Oh, man, I would read that. Probably disagree with it often, too. But I would be interested. It would feel more meticulously researched, at least. It would feel more important. Certainly more interesting. And maybe, just maybe, it would be more fair, too.
That's obviously a wildly unrealistic solution that will never, ever happen. Just spitballin'. As is, though, Clint Hurdle is going to win the Manager of the Year. Why? The Pirates were bad last year, but they were good this year. How much did Hurdle have to do with that? Look, the Pirates were bad last year, but they were good this year. What did he do differently to avoid a second-half collapse this year? Listen, pal, I don't think you understand, but I'm trying to tell you the Pirates were bad last year, but they were good this year.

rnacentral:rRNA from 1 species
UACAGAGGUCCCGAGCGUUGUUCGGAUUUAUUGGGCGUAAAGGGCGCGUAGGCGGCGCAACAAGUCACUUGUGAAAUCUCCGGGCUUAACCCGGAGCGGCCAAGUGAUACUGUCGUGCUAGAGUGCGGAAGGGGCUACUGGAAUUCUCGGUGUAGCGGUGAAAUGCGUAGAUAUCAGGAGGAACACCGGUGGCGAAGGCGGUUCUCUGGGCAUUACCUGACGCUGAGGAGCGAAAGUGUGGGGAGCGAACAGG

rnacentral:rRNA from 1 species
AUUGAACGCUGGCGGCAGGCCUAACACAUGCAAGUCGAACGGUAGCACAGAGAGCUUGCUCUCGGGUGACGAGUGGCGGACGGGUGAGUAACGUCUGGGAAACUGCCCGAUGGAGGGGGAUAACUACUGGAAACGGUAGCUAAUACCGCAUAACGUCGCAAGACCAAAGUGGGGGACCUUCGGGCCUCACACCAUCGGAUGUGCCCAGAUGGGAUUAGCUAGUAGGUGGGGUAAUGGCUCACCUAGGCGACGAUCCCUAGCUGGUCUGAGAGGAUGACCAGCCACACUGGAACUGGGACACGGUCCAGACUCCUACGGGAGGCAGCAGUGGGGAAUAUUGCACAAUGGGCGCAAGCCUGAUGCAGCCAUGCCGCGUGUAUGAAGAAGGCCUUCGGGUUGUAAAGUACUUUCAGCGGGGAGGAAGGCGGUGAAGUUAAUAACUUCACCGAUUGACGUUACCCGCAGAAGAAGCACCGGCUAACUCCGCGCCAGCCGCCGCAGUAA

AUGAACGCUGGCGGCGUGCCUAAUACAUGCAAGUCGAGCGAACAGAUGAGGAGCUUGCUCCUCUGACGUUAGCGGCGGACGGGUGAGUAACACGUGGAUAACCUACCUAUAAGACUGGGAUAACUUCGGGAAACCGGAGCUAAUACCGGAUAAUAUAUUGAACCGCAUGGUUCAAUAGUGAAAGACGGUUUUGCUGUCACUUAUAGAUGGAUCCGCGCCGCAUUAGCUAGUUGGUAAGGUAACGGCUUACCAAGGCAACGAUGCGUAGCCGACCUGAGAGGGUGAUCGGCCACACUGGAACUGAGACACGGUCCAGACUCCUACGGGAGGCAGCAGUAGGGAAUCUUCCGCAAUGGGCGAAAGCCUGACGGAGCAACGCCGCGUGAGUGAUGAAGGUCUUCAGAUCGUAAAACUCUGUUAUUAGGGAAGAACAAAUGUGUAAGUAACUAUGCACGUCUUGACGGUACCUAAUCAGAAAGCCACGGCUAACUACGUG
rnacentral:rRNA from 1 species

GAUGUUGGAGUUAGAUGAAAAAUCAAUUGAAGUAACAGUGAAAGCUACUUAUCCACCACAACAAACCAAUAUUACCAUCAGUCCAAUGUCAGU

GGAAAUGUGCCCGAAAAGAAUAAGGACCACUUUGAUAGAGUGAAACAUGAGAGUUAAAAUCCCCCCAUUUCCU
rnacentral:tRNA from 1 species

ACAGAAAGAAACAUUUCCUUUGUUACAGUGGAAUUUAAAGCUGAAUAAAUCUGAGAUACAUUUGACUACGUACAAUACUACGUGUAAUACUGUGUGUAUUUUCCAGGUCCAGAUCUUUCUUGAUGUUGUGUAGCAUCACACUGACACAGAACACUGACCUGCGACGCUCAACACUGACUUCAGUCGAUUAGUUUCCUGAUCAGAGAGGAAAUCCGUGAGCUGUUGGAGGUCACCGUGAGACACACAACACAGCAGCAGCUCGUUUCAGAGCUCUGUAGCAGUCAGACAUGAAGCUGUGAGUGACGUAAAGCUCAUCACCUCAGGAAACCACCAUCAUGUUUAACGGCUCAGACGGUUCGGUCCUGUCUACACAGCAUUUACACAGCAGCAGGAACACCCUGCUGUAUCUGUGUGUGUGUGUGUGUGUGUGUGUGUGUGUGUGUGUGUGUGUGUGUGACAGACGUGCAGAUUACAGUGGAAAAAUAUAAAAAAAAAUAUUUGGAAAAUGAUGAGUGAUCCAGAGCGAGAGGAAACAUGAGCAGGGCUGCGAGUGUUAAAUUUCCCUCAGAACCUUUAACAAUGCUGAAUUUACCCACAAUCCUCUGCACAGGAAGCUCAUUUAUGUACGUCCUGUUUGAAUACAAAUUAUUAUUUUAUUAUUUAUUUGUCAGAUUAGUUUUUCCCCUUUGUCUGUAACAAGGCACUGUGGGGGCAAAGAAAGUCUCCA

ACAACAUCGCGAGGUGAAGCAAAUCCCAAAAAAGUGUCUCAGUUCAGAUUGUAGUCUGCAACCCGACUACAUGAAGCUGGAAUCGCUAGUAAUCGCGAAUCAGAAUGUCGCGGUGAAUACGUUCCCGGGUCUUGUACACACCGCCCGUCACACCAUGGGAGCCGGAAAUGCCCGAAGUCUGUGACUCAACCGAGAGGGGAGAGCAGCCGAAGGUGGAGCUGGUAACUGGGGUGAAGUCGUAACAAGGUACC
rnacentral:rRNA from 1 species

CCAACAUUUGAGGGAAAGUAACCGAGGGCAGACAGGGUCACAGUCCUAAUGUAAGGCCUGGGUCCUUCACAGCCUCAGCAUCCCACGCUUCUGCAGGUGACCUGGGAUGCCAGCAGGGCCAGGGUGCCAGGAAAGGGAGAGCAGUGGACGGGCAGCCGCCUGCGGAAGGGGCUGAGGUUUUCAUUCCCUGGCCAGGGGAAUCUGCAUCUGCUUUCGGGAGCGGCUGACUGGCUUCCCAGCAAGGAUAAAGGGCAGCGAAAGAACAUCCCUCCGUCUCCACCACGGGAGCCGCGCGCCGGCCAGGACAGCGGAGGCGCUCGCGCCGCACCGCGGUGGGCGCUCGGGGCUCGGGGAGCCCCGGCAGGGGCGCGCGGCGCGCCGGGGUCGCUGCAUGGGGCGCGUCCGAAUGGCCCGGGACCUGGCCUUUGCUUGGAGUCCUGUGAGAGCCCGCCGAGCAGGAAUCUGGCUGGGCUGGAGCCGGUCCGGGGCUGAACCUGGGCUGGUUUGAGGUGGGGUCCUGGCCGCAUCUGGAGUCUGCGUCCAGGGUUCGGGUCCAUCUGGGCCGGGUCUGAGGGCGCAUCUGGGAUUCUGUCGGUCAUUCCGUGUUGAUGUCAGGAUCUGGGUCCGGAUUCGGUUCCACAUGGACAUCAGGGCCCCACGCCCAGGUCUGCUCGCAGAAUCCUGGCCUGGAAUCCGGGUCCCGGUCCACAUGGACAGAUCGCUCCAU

Hurdle might very well be the most deserving Manager of the Year candidate this year. He might be the most deserving candidate of all time. But I have no idea how to figure that out other than win-loss records and a few other indicators. The voters have more information, but not as much as anyone would like about all 15 candidates in either league. As such, no one really cares about the Manager of the Year. If you can remember who won it five years ago, your prize is that you can remember who won it five years ago.
It's a shame. This would be an awesome award to care about. There's just no realistic way to vote on it without the tyranny of first-to-worst and win-loss records. There's no one to blame. It's just the way it is and always will be.
But let me tell you something about all you pinheads who use "WAR" to trick yourself into believing Mike Trout is better than Miguel Cabrera …